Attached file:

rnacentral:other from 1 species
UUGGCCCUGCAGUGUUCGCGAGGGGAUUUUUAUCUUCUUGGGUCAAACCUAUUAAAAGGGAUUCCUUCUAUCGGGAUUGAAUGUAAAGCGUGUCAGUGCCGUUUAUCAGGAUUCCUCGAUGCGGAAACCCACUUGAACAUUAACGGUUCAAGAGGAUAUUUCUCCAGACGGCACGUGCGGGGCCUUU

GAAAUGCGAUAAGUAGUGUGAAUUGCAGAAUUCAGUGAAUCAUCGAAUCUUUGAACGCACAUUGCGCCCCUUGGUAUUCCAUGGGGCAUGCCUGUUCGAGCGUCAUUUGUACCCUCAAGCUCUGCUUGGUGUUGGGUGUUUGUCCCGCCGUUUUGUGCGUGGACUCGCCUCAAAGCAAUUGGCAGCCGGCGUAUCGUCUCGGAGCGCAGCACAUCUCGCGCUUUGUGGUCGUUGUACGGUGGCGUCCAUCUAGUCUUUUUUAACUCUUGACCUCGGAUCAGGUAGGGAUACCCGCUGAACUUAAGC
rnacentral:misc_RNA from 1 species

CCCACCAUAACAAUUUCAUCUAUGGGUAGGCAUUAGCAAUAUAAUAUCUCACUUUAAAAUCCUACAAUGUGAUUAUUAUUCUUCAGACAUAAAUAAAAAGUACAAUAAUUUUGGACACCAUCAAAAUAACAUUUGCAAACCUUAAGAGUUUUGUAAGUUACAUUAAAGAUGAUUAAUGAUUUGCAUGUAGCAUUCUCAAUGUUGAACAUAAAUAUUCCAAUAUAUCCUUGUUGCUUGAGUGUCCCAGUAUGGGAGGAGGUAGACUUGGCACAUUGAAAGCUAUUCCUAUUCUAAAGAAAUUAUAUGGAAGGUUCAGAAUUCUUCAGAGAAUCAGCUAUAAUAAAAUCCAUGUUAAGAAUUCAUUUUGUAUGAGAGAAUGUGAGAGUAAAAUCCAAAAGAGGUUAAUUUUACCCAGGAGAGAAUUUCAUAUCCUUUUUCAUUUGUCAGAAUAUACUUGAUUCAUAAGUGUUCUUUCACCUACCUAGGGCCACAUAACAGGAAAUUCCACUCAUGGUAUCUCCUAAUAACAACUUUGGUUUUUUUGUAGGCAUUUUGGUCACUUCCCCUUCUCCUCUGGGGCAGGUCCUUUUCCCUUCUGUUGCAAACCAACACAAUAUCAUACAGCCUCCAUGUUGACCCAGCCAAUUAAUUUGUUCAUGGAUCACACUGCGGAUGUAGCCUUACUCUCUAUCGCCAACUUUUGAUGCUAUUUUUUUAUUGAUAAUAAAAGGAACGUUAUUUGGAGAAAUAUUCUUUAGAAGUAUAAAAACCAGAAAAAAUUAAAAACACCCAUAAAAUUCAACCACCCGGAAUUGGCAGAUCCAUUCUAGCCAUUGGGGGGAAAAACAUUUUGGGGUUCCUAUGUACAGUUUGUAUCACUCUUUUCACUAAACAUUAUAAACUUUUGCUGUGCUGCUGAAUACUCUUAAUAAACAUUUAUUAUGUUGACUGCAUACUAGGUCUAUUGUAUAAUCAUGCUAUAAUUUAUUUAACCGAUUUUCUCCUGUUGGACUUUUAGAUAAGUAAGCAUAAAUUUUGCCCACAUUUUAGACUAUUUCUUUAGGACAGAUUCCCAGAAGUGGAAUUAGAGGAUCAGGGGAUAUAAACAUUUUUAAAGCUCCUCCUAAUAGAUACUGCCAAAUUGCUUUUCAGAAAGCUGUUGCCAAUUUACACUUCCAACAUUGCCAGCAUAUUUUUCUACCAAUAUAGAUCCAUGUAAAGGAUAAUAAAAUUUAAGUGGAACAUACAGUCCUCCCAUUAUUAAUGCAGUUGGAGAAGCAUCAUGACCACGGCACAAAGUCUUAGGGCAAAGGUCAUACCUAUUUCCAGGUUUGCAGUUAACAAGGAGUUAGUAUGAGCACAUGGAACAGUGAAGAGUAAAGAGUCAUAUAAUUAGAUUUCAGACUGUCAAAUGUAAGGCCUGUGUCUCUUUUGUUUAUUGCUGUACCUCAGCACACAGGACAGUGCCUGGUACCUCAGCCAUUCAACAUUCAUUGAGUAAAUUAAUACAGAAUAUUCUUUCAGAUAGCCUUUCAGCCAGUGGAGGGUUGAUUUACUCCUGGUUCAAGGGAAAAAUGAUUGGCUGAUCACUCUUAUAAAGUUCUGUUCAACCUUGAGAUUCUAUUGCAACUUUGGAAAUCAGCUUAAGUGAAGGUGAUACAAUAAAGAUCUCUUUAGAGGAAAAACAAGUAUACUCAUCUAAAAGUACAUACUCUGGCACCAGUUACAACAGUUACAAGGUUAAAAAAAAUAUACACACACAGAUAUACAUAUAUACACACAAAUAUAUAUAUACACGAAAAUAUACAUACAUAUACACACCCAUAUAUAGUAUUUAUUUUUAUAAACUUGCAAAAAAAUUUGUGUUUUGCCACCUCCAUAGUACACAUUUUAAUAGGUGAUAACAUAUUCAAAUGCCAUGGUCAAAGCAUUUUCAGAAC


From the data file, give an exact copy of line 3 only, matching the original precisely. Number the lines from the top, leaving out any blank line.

GAAAUGCGAUAAGUAGUGUGAAUUGCAGAAUUCAGUGAAUCAUCGAAUCUUUGAACGCACAUUGCGCCCCUUGGUAUUCCAUGGGGCAUGCCUGUUCGAGCGUCAUUUGUACCCUCAAGCUCUGCUUGGUGUUGGGUGUUUGUCCCGCCGUUUUGUGCGUGGACUCGCCUCAAAGCAAUUGGCAGCCGGCGUAUCGUCUCGGAGCGCAGCACAUCUCGCGCUUUGUGGUCGUUGUACGGUGGCGUCCAUCUAGUCUUUUUUAACUCUUGACCUCGGAUCAGGUAGGGAUACCCGCUGAACUUAAGC